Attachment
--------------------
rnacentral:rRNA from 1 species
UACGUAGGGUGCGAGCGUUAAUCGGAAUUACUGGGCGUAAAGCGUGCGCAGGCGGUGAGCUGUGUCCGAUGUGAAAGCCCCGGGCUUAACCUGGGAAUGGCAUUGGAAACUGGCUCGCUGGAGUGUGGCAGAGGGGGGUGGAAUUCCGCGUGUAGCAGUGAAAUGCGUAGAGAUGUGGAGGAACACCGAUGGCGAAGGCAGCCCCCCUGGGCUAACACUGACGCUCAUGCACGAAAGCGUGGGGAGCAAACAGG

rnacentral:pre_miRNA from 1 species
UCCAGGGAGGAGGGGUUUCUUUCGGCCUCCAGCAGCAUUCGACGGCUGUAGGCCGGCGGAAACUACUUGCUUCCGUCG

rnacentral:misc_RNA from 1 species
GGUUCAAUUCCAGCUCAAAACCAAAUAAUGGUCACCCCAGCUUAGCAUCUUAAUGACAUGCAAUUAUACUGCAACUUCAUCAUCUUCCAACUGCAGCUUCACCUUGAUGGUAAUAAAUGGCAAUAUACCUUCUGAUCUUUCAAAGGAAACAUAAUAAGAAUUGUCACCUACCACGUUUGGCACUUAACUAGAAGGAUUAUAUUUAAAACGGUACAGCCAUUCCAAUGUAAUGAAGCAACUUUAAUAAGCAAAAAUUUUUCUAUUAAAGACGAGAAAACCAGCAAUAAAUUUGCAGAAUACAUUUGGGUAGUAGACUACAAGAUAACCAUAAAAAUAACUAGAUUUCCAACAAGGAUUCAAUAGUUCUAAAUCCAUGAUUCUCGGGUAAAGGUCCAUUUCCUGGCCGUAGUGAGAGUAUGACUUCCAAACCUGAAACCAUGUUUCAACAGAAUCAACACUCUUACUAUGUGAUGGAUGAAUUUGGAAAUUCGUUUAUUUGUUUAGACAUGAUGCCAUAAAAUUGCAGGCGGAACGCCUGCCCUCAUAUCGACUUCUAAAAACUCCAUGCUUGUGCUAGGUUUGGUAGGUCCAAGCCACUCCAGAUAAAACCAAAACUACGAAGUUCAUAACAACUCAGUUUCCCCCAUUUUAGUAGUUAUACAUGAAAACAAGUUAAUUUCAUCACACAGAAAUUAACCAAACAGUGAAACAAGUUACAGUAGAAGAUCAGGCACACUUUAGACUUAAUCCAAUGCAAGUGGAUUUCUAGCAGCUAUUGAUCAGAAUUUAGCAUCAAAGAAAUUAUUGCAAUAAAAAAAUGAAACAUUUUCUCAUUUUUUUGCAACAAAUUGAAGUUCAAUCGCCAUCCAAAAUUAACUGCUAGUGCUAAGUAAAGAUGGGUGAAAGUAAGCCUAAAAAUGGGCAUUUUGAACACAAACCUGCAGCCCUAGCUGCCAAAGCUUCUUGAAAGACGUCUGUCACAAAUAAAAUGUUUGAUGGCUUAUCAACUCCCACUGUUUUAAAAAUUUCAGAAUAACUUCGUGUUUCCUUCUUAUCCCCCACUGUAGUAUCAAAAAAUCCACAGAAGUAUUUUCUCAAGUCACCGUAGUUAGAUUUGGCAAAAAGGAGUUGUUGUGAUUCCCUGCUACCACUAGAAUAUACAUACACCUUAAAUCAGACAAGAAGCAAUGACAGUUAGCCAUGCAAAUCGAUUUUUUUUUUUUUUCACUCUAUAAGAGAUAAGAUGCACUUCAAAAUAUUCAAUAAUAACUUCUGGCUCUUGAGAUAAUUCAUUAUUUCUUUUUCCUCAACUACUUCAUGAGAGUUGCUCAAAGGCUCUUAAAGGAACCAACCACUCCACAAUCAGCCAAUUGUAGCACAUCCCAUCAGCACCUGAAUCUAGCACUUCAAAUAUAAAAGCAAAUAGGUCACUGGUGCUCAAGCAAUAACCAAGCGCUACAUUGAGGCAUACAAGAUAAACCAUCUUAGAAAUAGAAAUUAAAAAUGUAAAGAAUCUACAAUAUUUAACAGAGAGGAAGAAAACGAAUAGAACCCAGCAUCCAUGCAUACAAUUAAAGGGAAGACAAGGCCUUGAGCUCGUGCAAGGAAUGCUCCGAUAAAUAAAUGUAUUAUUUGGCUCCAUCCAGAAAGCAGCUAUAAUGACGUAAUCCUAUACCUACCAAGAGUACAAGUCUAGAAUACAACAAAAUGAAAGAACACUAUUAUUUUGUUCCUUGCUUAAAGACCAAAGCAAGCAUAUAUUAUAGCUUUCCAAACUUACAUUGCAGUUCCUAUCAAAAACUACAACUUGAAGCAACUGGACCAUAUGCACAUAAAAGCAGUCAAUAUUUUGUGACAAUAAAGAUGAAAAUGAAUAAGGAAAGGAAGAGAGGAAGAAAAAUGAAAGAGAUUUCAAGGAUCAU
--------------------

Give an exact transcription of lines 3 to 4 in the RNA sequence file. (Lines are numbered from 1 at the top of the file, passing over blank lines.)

rnacentral:pre_miRNA from 1 species
UCCAGGGAGGAGGGGUUUCUUUCGGCCUCCAGCAGCAUUCGACGGCUGUAGGCCGGCGGAAACUACUUGCUUCCGUCG